Who we are:

In 2001, 29 year old Brad Kaminsky passed away after a long fight with brain cancer. Before he died, Brad’s family and friends promised him that they would never stop fighting for a cure for cancer, and that fight continues today with the 16th annual SuperHeroes of Hope Race. Since 2001, the Brad Kaminsky Foundation has donated over one million dollars to cancer research. The foundation is run by Brad’s sister, Lisa Millar. Lisa continues her brother’s fight every day by helping those impacted and organizing events all over the country. Lisa has received numerous awards and recognitions for her tireless contributions to the field of cancer research, but her most important achievement is keeping her promise to her brother

What we do:

Together with your help we have donated over 1.8 Million Dollars to research funding.
  • We host the annual SuperHeroes of Hope Race in Los Angeles with over 14,000 participants to date. 
  • We initiated the iDance4aCURE campaign uniting the dance community to raise funds for childhood cancer research
  • We initiated the Heroes of Hope Grey Ribbon Crusade unifying over 100 non-profits and 400 individual donors.
  • We hosted the Heroes of Hope Golf Tournament and the Larry Burns Memorial Gala in the DC metro area, the Phi Gamma Nu Walk to End Brain Tumors at Penn State, as well as hundreds of iDance4aCURE events across the country. 

Who we help:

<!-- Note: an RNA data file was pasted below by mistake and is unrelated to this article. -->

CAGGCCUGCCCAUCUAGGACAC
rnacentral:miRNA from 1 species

Participating partners include these and many others:

Children’s Hospital of LA
Duke University
Johns Hopkins University
Children’s National Medical Center

More about Brain Tumors

According to the Nation Brain Tumor Society, an estimated 700,000 people in the United States are living with a primary brain tumor, and approximately 88,970 more will be diagnosed in 2023. Brain tumors can be deadly, significantly impact quality of life, and change everything for a patient and their loved ones. They do not discriminate, inflicting men, women, and children of all races and ethnicities. Brain tumors are the leading cause of solid tumor death in children of all ages. Brain tumors are the leading cause of death in men under the age of thirty-nine. Twenty percent (20%) of all cancers will spread to the brain. Due to the location of these tumors most patients experience a loss in their ability to move, speak, see, hear or breathe.

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